A Missouri appellate court judge with family ties to the red light camera industry yesterday led the charge to save photo ticketing programs from legal attack. In a per curiam decision, Eastern District Presiding Judge Robert G. Dowd Jr and two colleagues upheld the ticket issued by American Traffic Solutions (ATS) to motorist Mary Nottebrok in Creve Coeur on August 11, 2009.
“Ordinance Number 315.140 did not prohibit ‘running a red light;’ rather, Ordinance Number 315.140 prohibited the presence of a vehicle in an intersection when the traffic control signal for that intersection was emitting a steady red signal for the direction of travel or orientation of the vehicle,” the decision stated in defense of Creve Coeur’s photo enforcement ordinance.
An ATS camera photographed a car belonging to Mary Nottebrok near the offramp for Interstate 270 and Olive Boulevard. ATS demanded payment of $100 based on the alleged violation of an ordinance whose legality is under question because the Missouri legislature has refused to authorize the use of photo enforcement in the state.
Nottebrok moved to have her case dismissed on the grounds that the ordinance is not just unauthorized, but it also conflicts with a state law requiring points to be applied to the license of anyone convicted of running a red light. Most photo ticketing programs outside of Arizona and California do not assess points because of the extra work and cost involved in identifying the driver of a vehicle.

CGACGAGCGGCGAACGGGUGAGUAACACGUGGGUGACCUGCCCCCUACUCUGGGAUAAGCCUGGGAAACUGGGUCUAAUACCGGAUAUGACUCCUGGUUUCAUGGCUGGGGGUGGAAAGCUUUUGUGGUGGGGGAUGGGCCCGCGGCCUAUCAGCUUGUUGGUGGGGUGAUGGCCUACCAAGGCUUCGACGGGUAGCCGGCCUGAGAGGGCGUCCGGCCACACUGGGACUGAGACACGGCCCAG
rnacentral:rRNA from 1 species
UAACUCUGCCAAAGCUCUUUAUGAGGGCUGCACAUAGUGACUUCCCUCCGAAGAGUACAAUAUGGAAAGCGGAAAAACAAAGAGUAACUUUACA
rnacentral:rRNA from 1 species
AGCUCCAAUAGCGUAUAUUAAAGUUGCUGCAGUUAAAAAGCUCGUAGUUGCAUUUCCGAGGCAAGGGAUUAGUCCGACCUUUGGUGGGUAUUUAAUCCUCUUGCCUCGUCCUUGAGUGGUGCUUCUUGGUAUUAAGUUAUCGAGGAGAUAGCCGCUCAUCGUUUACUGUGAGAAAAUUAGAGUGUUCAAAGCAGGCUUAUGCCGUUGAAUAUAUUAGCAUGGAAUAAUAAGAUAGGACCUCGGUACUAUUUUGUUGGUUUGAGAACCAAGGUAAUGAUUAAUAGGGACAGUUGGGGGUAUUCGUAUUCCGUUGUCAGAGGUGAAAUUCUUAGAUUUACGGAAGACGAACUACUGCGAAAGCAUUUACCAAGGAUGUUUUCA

This argument follows reasoning found in a 2005 memo from Stinson Morrison Hecker, ATS’s own law firm. A March 2010 state supreme court ruling (view opinion) struck down Springfield’s red light camera program over its administrative hearing procedures, noting that red light camera violations are moving violations — which is to say, they are not like parking tickets. The Eastern District Court of Appeals, led by Judge Dowd, saw red light camera tickets as exactly like parking tickets.
“Consistent with the Supreme Court’s reasoning in Kansas City v. Hertz Corporation, Missouri law provides that a municipal ordinance can impose liability on a vehicle owner if another person parks or operates the vehicle in violation of the ordinance,” the decision stated.
The court presumed Creve Coeur’s ordinance was valid on its own terms.
“[State law] required the assessment of points for any moving violation of a municipal ordinance not specifically listed in the statute,” the decision conceded. “However, the plain language of Ordinance No. 315.140 indicated that the city intended a violation of the ordinance to be classified as a non-moving violation.”
Judge Dowd was previously with the family’s law firm Dowd and Dowd, along with his cousin, Edward L. Dowd Jr, who was a paid advocate for automated ticketing. Edward Dowd now serves as a spokesman for Missouri Families for Safer Roads, a public relations front group funded entirely by ATS. Edward Dowd is also a registered lobbyist for ATS.
A copy of the ruling is available in a 300k PDF file at the source link below.
Source: Creve Coeur v. Nottebrok (Court of Appeals, State of Missouri, 10/25/2011)